Additional Resources: DNR Discussions

DNR Discussions

Discussions about advance directives / do not resuscitate orders vary in content with the situation of the patient. We have two examples here of an older patient without a life-limiting illness and a one with such an illness.

Example One: Without a Life-Limiting Illness

Mrs. Jane Thurber is a a 60 year old female who is a clinic patient of yours. As part of a routine clinic visit, you want to discuss advance directives.

What not to say

What you might say instead

“Mrs. Thurber, Do you want every thing done?” “Mrs. Thurber, I want to talk to you about making plans for the future. In thinking about decisions regarding resuscitation, there is a whole spectrum of choices. In event of an adverse situation, some patients would like to be connected to life support and would like us to do heroic life sustaining treatments. Others do not want such measures. Where do you see yourself in this spectrum of choices?”

Example Two: With a Life-Limiting Illness

Mrs. Bridget Nielan is a 60 year old female who is a clinic patient of yours. She has a history of widely metastatic ovarian cancer. As part of the clinic visit, you want to discuss advance directives.

What not to say

What you might say instead

“Mrs. Nielan, Do you want every thing done?” You: “Ms. Nielan, I want to talk to you about making plans for the future.”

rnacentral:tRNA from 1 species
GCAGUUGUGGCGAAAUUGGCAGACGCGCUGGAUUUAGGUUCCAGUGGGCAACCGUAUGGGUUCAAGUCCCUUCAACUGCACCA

(Pause and give the patient time to digest the information.)

“As you know, you have metastatic ovarian cancer.”

“In thinking about decisions regarding resuscitation there is a whole spectrum of choices. In event of an adverse situation, some patients would like to be connected to life support and would like us to do heroic life sustaining treatments. Others do not want such measures.”

(Pause and give the patient time to digest the information.)

Ms. Nielan: “But I don’t want to die.”

You: Jane, I want you to live as long as you want, but with good quality of life. I do not want you to suffer and as your doctor, I will do everything in my power to help you.”

(Pause and give the patient time to digest the information.)

Ms. Nielan: “Yes. I do not want to suffer.”

(Pause and give the patient time to digest the information.)

You: “You have metastatic cancer. Down the lane some time in the future, if your heart were to stop due to the cancer, putting you on life support will not prolong life. It would only prolong the dying process.”

(Pause and give the patient time to digest the information.)

Ms. Nielan: ……

(Pause and give the patient time to digest the information.)

You: “If things look good and you have some temporary problem, then we could do everything possible to get you out of the situation and back on your feet.”

(Pause and give the patient time to digest the information.)

Ms. Nielan: “That sounds good.”

You: “But if things look grim and the cancer has advanced then at that point, any life support measures would be ineffective.”

(Pause and give the patient time to digest the information).

Ms. Nielan: ……

You:  “In a situation like that, it is my opinion that we should hold back on futile resuscitative measures, but really focus on making you comfortable.”

(Pause and give the patient time to digest the information).

Ms. Nielan:……

(If patient still seems reluctant)

You: “I want you to think more about this and we can talk again next visit. I want you to remember that no matter what, I will still be your doctor and here to help you.”

Translate »
%d bloggers like this: